Why Museveni has started nationwide tour of UPDF barracks?

President Museveni with some of the UPDF officers at the First Infantry Division at Kakiri Barracks in Wakiso district, on Friday

President Yoweri Museveni, who is also the commander-in-chief of the Uganda armed forces, has embarked on a nation-wide on-spot working visits to UPDF barracks. The President is interacting with officers and men over their welfare issues, including housing, education for their children, health facilities at stations and income-generating activities for the wives of soldiers.

The President on Friday visited the First Infantry Division at Kakiri Barracks in Wakiso district, where he called on the UPDF to fight for the people of Uganda to be prosperous. He said this can be achieved by providing a security service based on the four principles of patriotism, pan Africanism, socio-economic transformation and democracy.

“To be an officer in the UPDF, you must know our ideology. You must know the interests of your people. Prosperity means security for the people of Uganda. We cannot guarantee our prosperity if we go by identity. Patriotism can help our people much better than parochialism and sectarianism,” he said.

The President, who first met platoon commanders, company commanders, battalion commanders and brigade commanders separately, later held a combined meeting with other officers and men, said the UPDF must know its historical mission and the ideology of the revolution.

“I have come to check on the units and the service they extend to our people in terms of security. We want politics of patriotism. It will help give us a bigger market than regional groups. Without African integration, the common market of East Africa and Africa, there cannot be prosperity. We are lagging behind in science and technology and we must push for political and economic integration. Uganda cannot survive alone in a modern age,” he said.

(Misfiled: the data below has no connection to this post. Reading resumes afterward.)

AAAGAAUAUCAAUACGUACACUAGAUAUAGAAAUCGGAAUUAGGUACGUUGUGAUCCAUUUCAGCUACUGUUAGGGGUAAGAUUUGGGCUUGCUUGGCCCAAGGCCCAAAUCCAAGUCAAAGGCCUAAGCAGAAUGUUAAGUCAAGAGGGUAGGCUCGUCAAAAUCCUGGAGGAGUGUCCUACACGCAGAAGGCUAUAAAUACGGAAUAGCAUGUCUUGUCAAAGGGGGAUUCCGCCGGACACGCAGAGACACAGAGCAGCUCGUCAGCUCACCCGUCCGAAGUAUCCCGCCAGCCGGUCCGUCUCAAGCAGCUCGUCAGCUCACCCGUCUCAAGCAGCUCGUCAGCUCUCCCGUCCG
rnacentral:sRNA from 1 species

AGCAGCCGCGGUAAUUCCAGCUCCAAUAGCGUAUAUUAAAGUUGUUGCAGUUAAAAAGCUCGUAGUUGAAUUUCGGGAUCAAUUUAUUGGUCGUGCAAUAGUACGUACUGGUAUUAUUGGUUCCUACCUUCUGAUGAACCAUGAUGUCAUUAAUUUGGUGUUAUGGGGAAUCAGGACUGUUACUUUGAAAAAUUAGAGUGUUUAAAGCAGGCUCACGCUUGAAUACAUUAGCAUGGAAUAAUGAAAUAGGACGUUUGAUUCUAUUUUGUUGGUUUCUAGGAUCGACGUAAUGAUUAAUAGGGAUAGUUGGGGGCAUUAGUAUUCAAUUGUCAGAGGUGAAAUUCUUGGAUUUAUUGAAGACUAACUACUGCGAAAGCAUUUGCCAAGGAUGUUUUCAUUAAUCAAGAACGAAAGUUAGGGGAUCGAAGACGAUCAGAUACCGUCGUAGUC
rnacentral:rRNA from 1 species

On education, the President said the Government’s policy is to ensure free education for the children of the poor. The President, however, blamed some individuals who are trying to frustrate the efforts by charging parents fees. On housing, Museveni urged the defense administration to consider using their own labor as opposed to contracting building services.

He said the Special Forces Command (SFC) hospital was constructed at about sh400m, compared to the sh1.5b earlier quoted by the private contractor. He, therefore, said by using the UPDF construction brigade, the Government would be able to meet the housing needs for the forces. He added that the Government has been spending close to sh96b on renting offices, he said must stop.

 The commander of the engineering brigade, Maj. Gen. Timothy Sabiiti Mutebile, said the force needs 60,000 housing units, but it currently has only 7,000. He said the UPDF engineering brigade has about 2,500 well-trained human resource personnel who they can use to bridge the gap without using contractors.

Museveni urged the force to strengthen their confidence through knowledge, saying without knowledge, they can easily be deflated. He said the development of science and technology is the primer of social change alongside patriotism, pan-Africanism, socioeconomic transformation and democracy.

Using a gun, the President demonstrated how a soldier can improvise, when he runs out of bullets to keep fighting. He urged the force to live healthy lives, by avoiding alcohol, prostitution and malaria. Museveni later announced a donation of sh100m to the SACCOS of wives of soldiers who are involved in income-generating activities.

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Patrick Luwagga is the editorial director of cross-platform content for UGANDANZ. He works across the newsroom and with business partners to drive and develop ambitious editorial projects that include digital journalism, video, data research, polling, live events, and thought-leadership series that are supported by outside underwriting. As executive director, he is responsible for the creation of Political news section, prior to joining UGANDANZ, Patrick was the chief editor for the national weekly news magazine of Kasese Times. In that role, he covered several presidential elections, wrote and produced two television documentaries, and was a regular commentator on television and radio news programs. Patrick was born in Masaka and grew up in Kasese. He earned a bachelor’s degree in Journalism from Makerere University where he was a Knight Foundation journalism fellow.